I don’t think there’s a mosquito in the room

But the back of my right shoulder and

The side of my left pinky

Have somehow been itched bloody.

I lift my forearm to face the fan

My toes are much too warm

For me to fall back asleep

And I’ve never craved a juicy, sugary watermelon

As much as I do now.

I think I hear someone’s ankle cracking,

Creaking the floor outside my bedroom.

My toes are still uncomfortably warm,

Too warm for me to sleep

Is this what really woke me up?

What terrible, pointless reality.

But I can’t figure out the best position

To get the fan to blow right at my feet

So I let it pointlessly whir.


A little longer

It feels like I’m hiding in fear. In fearful anticipation.

For the months that I began to feel better, mornings after bad nights felt merely like hangovers. After a night of intoxicating sadness or anxiety, I’d wake up feeling weak and tired. But this would fade as the day went on.

After a bad last night, I still feel it. I feel exhausted more than tired, my digging nails leave purple dents in my white palms. I pull out all the manuals in my backpack: go out in the sun, be where people are– don’t be alone, focus on work if you can, stay hydrated, do breathing exercises, tense and release. But after crossing all these off, after sitting at a Starbucks with progress on my laptop and a refreshing lemonade beside me, I can’t help but endure a constant, throbbing pain. It makes my ears ring. My eyes well. Makes every potentially fatal action inviting.

But it’ll pass. Just wait it out. I’ll wait. Wait in fearful anticipation.

Taipei, Taiwan

Stinky tofu
I used to wrinkle my nose
turn away with a blechh
now a scent I crave
like a sweet, rancid treat

A haze hovering over asphalt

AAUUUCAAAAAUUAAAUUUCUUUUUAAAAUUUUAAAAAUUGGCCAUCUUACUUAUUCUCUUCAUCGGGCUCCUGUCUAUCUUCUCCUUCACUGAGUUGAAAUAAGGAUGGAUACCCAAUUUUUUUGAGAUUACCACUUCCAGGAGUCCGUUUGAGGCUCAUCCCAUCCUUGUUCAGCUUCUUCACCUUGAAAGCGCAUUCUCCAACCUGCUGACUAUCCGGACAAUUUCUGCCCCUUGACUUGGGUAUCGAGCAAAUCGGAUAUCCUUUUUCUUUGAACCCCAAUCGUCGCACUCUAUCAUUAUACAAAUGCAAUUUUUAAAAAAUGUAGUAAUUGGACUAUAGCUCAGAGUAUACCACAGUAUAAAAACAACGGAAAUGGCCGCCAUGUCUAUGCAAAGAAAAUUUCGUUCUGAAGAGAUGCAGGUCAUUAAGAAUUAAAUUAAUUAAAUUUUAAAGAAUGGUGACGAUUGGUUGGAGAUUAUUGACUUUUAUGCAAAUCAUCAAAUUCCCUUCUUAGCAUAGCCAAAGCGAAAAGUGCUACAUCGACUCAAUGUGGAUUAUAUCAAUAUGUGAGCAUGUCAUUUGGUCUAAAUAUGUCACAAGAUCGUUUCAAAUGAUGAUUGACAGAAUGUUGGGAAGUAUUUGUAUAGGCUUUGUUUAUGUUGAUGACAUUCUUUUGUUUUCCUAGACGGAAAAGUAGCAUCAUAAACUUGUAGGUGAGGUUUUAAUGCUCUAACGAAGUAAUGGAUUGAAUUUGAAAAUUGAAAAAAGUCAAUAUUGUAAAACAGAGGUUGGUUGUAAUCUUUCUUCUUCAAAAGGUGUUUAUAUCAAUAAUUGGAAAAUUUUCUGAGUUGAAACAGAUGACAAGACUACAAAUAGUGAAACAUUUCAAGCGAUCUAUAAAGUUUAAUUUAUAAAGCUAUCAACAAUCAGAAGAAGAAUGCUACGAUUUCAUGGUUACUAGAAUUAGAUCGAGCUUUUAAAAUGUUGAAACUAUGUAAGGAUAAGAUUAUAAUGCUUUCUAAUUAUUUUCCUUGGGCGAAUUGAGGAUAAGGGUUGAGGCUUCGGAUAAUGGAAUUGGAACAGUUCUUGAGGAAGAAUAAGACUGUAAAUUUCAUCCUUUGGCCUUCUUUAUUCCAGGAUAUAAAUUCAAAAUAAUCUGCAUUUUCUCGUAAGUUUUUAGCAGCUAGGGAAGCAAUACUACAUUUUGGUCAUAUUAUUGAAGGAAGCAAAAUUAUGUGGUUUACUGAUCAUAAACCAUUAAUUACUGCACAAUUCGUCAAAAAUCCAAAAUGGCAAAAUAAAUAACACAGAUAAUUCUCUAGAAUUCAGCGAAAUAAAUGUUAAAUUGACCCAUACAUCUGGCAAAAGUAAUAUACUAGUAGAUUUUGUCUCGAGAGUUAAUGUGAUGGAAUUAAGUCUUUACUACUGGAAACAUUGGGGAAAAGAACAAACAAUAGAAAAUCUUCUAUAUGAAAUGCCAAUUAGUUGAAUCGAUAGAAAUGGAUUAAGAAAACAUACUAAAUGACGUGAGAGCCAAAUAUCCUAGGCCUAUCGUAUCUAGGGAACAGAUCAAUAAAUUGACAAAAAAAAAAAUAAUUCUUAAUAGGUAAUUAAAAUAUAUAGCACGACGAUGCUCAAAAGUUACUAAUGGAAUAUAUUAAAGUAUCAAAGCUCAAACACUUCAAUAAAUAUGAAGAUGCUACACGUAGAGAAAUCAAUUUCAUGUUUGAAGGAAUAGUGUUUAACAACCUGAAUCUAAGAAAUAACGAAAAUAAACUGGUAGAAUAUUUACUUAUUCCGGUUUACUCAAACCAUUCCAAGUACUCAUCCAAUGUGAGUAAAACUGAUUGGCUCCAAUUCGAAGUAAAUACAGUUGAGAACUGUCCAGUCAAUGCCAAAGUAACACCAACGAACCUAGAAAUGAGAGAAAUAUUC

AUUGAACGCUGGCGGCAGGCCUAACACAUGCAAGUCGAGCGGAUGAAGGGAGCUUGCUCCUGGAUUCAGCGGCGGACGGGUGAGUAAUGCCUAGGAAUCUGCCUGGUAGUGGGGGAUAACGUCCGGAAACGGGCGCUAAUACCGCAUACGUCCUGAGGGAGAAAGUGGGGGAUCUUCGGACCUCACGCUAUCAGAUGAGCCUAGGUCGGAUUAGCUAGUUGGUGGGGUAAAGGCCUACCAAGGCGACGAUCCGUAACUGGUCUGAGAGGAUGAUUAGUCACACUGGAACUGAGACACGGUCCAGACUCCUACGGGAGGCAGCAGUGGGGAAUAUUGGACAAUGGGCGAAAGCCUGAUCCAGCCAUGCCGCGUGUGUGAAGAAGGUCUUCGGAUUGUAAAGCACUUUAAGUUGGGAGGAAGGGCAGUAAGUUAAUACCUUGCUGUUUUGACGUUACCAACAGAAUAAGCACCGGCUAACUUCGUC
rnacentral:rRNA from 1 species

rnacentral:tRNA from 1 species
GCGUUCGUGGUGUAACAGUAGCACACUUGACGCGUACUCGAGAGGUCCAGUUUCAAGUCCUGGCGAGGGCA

the streets an organized catastrophe for
cars, motorists, pedestrians
messy orchestra of honking
windows rolled down, people
yelling in dialects of Chinese
motor engines fuming

The air is motionless,
humidity heavy like wet ceramic
sweat-clad skin
I wipe away the sweat on my forehead
a streak of it, from wrist to elbow,
smearing down my arm hairs

Youtiao for breakfast
Niu Rou Mian for dinner under a small,
whirring fan and sticky fly traps
towering city buildings, looking taller than
the mountain silhouettes in the background
of many hues of purple

Taipei, Taiwan
a 12 hour flight,
a home, family members
only 15 hours ahead of me
into the future


goop in my intestines
collecting at the base of
my rectum
dense, heavy

a fat man
languidly sinking
into my bladder
bloated with

twitchy fingers
clammy palms
sweat pooling between
my fingerprints
slick with

dry, cracked lips

heart in a grip
rapidly ramming
against my ribs
hot blood, rushing

the common fig

the common fig,
the ornamental plant,
rotund, and ripened to purple

the common fig just wanted
to be a figure skater–
envious of their
glittered bodies
gracefully gliding
powerful and nimble
elongated legs
the crowd in awe, and those
striking blades
etching elegance along the ice

but alas,
the fig is but a commoner
gourd-like and fat with
mush and seeds
what an insurmountable fantasy,
a futile, mere
figment of imagination.

it has always been this

do i want to be
it has always been this

do i desire
the sharpness of my
knee caps jutting
trace my ribs like
hills and trenches

do i desire flesh
muscle like tough meat
pulsing calves
proud and robust shoulders
clenched fists,
an iron grip

brittle bones trembling
beneath translucent skin

or thick, quick arms

blue toes and purple lips
sporadically beating heart

or mighty, strapping thighs
heart like war drums

hollowed cheeks
hair thinning, falling in clumps

or sweat and strength

shrunken breasts,

armored breast

ill and lovely,

steadfast and powerfully built

do i want to be
it has always been this